As we moved to a full program in 2019 with four students, we quickly learned that many of our applicants needed more preparation to be successful on campus. As a new concept in our region, transition planning infrequently included college-related activities as individualized education plan (IEP) goals. To change that trend, we developed the College and Career Exploration Program, a college readiness program for students with disabilities ages 18-21. Initially, we piloted the program with three school districts and 12 students, and funding was braided between the UCEDD and school districts for staff support. For six hours each week, students came to campus and learned classroom and social skills for college settings, along with independent living and advocacy skills. In two years, we went from having one college student and eight interns to 21 students on campus each week. All of this was accomplished with a portion of my salary and rental costs braided with support staff and transportation from area school districts.
As we strove to expand our college enrollment while remaining sustainable, school districts approached us to become an approved education service agency so that they no longer had to send staff and so that program fees could be covered by the Nebraska Department of Education (NE DoE). We met with NE DoE leadership, provided them with program information, hired a certified special education teacher as required, and submitted our rates for approval. Once our rates were approved, we finalized our first contracts with two districts for $83,000. We provided unpaid internships for 22 students and inclusive college programming for one student. Our applicants for the fall of 2022 Trailblazer Program include 13 promising candidates, with nine of them coming from our College and Career Exploration Program with eligibility for two more years of transition services through their school district. We are meeting our goal to increase our enrollment in the Trailblazer Program, and funding from several of the students will come through school contracts.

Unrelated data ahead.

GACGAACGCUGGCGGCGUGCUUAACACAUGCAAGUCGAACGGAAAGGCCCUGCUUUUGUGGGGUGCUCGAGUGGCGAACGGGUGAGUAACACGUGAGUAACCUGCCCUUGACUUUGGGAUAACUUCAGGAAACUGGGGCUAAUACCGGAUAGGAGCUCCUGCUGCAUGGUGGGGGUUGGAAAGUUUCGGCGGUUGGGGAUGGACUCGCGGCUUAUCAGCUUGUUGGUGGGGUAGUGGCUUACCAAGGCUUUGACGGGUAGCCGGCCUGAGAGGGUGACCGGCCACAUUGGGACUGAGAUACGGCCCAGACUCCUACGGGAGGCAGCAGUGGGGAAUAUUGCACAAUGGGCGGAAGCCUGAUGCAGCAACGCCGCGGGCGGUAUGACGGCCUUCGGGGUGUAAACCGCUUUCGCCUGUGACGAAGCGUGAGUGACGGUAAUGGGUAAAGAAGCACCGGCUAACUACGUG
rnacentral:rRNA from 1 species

Starting new inclusive postsecondary programs can have numerous challenges. As funding is the biggest deterrent to starting and sustaining a program, staffing remains the primary expense. Dual partnerships and contracts with local school districts can provide the per-student expenditure to allow for additional program staff to be hired (e.g., a certified teacher, education coaches, career specialists). Contracting with school districts is a reliable revenue source for monies to support program staff and materials, and the efforts are worth it. Our first student graduated last May. He is working full-time in a job he loves and has paid leave and benefits. College did for him what it does for most that attend; it provided the foundation for personal growth, training, and networking that led to a career path that would not have been available otherwise. Partnering with school districts provided the model to achieve that success.
U.S. Bureau of Labor Statistics. (2020). Learn more, earn more: Education leads to higher wages, lower unemployment, Career Outlook. Retrieved from https://www.bls.gov/careeroutlook/2020/data-on-display/education-pays.htm
English, D., Cushing, E., Therriault, S., & Rasmussen, J. (2017). College and career readiness begins with a well-rounded education: Opportunities under the Every Student Succeeds Act. Washington, DC: College and Career Readiness Center at American Institutes for Research. Retrieved from https://ccrscenter.org/sites/default/files/AskCCRS_Well-Rounded_Education.pdf